Celery root, knob celery, marsh parsley, smallage, turnip-rooted celery, wild celery
Apium graveolens var. rapaceum
Take the texture of a potato and combine with the flavour of celery and parsley: that's celeriac. This root vegetable looks like a gnarly turnip and while it is related to celery, it is not the root of the celery plant. Like potato, it is very versatile: mash, grate and eat raw, roast, bake or steam.
Celeriac is harvested when it meets the market needs for size. Quality characteristics include firm texture and tender flesh. Soft, spongy roots should be avoided.
Postharvest storage temperature
Celeriac benefits from pre-cooling; however, since it has a relatively low respiration rate, this must be balanced with the desired storage time before marketing. Optimum temperature for storage of celeriac is 0°C and it may store for 90–150 days. Higher temperatures reduce its shelf life (8 days at 20°C). Celeriac is not chilling sensitive and it is compatible with ice cooling.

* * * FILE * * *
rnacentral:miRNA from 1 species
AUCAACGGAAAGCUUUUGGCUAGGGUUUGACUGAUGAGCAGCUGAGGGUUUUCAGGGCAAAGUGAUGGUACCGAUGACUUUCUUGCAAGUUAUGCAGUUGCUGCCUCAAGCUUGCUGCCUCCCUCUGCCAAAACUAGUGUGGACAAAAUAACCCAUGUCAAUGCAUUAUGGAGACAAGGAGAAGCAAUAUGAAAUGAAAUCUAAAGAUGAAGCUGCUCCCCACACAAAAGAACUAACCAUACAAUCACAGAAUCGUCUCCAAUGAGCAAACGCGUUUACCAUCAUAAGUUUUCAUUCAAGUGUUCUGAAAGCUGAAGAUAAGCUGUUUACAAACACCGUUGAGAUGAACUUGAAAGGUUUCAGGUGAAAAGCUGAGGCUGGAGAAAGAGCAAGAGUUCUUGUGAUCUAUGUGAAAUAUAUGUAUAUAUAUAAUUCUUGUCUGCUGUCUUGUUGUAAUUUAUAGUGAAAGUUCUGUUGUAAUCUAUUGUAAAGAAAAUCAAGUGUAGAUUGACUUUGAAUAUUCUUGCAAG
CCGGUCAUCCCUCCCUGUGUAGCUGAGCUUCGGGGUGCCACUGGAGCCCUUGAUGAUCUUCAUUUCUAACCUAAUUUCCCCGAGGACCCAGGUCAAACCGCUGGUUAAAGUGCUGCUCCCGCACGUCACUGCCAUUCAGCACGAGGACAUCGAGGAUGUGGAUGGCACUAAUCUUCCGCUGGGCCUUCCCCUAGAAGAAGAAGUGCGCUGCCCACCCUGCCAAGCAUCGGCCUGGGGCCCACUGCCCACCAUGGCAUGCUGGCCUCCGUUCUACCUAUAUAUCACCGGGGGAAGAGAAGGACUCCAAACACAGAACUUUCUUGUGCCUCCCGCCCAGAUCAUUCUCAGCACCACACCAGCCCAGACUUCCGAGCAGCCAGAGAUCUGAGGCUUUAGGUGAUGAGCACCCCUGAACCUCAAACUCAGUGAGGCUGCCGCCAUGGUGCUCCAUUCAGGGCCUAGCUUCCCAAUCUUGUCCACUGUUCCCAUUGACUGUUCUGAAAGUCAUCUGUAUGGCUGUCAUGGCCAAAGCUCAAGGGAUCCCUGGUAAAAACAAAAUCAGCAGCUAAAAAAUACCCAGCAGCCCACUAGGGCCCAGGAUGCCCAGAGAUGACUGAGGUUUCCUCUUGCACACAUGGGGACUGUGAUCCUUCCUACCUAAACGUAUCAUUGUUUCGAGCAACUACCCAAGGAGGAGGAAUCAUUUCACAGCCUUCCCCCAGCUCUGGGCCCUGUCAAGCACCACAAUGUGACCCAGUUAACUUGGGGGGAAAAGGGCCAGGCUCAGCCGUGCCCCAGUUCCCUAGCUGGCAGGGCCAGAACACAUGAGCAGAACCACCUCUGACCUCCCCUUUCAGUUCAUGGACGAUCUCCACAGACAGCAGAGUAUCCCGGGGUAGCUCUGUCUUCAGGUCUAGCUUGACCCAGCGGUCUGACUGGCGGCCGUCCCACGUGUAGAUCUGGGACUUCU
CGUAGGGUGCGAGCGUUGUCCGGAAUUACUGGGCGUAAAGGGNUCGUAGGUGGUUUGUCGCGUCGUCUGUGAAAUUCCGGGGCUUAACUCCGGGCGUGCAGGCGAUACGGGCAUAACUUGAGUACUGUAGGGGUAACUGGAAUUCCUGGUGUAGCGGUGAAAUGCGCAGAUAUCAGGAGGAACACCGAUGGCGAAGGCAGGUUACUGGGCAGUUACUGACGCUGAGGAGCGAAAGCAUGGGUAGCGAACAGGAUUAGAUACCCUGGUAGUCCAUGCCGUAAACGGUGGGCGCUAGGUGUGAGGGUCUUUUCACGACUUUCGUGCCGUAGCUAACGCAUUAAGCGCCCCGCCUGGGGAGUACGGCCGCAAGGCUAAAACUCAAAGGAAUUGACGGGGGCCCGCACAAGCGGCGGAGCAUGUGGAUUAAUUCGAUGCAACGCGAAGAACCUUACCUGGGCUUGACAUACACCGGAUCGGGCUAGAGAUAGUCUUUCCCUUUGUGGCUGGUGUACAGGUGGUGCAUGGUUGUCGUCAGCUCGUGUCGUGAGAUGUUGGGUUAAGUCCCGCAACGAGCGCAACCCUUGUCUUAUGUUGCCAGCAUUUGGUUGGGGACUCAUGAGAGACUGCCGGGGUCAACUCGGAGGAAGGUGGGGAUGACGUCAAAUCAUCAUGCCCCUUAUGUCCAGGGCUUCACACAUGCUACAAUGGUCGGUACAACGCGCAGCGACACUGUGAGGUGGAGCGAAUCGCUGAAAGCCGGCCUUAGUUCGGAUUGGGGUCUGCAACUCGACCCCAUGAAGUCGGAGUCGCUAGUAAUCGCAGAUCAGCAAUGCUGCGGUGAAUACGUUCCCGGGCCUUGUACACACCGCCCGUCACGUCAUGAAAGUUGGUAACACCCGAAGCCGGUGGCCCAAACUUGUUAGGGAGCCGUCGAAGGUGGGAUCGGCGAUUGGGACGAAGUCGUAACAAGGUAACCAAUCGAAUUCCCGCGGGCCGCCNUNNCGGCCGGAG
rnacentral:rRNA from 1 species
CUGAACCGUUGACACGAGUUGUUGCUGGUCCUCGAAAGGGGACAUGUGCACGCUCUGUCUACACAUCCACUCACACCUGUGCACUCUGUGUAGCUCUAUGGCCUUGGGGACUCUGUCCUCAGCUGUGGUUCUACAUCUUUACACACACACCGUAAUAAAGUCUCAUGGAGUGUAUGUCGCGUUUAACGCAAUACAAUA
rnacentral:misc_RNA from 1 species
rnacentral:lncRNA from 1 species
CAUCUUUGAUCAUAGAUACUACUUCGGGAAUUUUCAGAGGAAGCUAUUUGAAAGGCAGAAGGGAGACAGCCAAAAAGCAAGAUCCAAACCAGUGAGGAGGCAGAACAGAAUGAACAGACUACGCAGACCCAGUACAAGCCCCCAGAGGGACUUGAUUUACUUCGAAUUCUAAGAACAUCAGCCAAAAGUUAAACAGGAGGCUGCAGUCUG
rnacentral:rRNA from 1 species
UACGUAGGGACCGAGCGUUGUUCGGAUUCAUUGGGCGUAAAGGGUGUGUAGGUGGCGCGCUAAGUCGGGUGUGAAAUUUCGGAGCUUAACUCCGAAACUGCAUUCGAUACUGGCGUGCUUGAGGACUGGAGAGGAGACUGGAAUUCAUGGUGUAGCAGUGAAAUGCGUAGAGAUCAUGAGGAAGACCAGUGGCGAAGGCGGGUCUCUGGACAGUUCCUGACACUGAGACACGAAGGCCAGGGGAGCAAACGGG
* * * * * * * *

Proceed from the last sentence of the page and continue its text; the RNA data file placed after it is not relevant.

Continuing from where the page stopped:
Controlled atmosphere storage
Controlled atmospheres are not very effective for prolonging storage life or maintaining quality. There may be slight benefit in storing at 2–3% O2, 2–3% CO2 (at 0°C). Controlled atmosphere does not provide any advantage over cold storage.
Celeriac produces very low levels of ethylene and is slightly sensitive to it. Therefore, it should not be stored with other fruits or vegetables that produce high levels, which may cause toughening of the root. Celeriac is not compatible in mixed storage as it absorbs odours from other highly aromatic fruits and vegetables.
Celeriac should be stored at 90–100% relative humidity.
Disease & infection
Decay may become a problem if celeriac is stored in a warm, humid environment. Among the parasitic diseases, the most important is rot caused by sclerotinia. The fungus that causes this rot affects the bulb covering it with a white felt. This disease may attack during cultivation and poor hygiene may predispose the bulbs to its development.
Use celeriac raw in salads or grate and add at the end of a stir-fry to minimise cooking time and loss of nutrients.